UNIVERSITY OF WISCONSIN River Falls
John Butler, immunologist and professor emeritus of microbiology at the University of Iowa's Carver College of Medicine, was honored at the 2015 commencement ceremony May 16. Butler graduated from UW-River Falls in 1961 with a degree in chemistry and biology.
In a career that's spanned decades, Butler pioneered groundbreaking research on the antibodies of cattle and swine, mucosal immunology and solid phase immunoassay - a procedure for measuring or detecting proteins and other substances through antigens or antibodies using a solid surface. He is the author of more than 250 published articles and has received two distinguished veterinary immunologist awards.
Butler was raised on a farm in Rice Lake. The youngest of seven children, he spent much of his early life taking care of farm animals, raising pheasants, managing the family woodlot, and helping with his father trap beaver and muskrat.
His rural childhood fostered an interest in animals and the outdoors, which came to fruition during his years at UW-River Falls. He was the first member of his family to attend college, something Butler said he never expected to do.
"I had never planned to go to college," he said. "UWRF gave me a start for a successful career at a price I could afford."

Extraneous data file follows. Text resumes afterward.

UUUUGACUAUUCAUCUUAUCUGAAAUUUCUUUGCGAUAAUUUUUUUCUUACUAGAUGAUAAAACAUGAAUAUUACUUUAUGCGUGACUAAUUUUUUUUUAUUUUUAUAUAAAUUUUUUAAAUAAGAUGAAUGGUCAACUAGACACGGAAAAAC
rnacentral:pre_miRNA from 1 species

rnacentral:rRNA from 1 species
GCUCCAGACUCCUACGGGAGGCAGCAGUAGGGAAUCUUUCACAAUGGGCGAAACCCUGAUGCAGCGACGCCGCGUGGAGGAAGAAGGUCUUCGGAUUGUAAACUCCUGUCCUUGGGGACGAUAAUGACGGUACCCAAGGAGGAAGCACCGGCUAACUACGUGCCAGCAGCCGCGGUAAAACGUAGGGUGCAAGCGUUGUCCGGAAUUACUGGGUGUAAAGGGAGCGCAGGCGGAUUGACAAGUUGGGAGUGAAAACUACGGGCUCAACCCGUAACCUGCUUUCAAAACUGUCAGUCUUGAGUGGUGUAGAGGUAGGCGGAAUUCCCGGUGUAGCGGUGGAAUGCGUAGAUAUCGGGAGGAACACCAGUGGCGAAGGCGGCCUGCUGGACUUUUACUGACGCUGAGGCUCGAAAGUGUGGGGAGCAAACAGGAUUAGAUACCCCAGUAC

Upon leaving UWRF, Butler served as a ranger naturalist at Crater Lake National Park in Oregon and was featured in a 1962 article in National Geographic Magazine. He obtained his doctorate in zoology and biochemistry from Kansas University, and then spent four years working at the Agriculture Department in Washington, D.C., where he became a leader in antibody research and mucosal immunology.
He spent three years in Germany performing research funded by the Max-Planck Society and the Fogarty Foundation. Butler maintains a variety of foreign scientific collaborations throughout Europe, primarily in Germany, France, Sweden, Hungary and the Czech Republic. He has twice received the distinguished veterinary immunologist award and is a strong advocate of comparative immunology/biochemistry, basic research in veterinary immunology as well as the use of the swine in biomedical research.
Butler established both the J.E. Butler Molecular Biology Scholarship for students interested in a career in eukaryotic biology research, and the John E. Butler International Research Scholarship to promote undergraduate research abroad. In funding them, Butler said he wanted to help students who are struggling to afford college like he once did.
"I think it's an investment in the future," Butler said. "It helps somebody who needs a chance."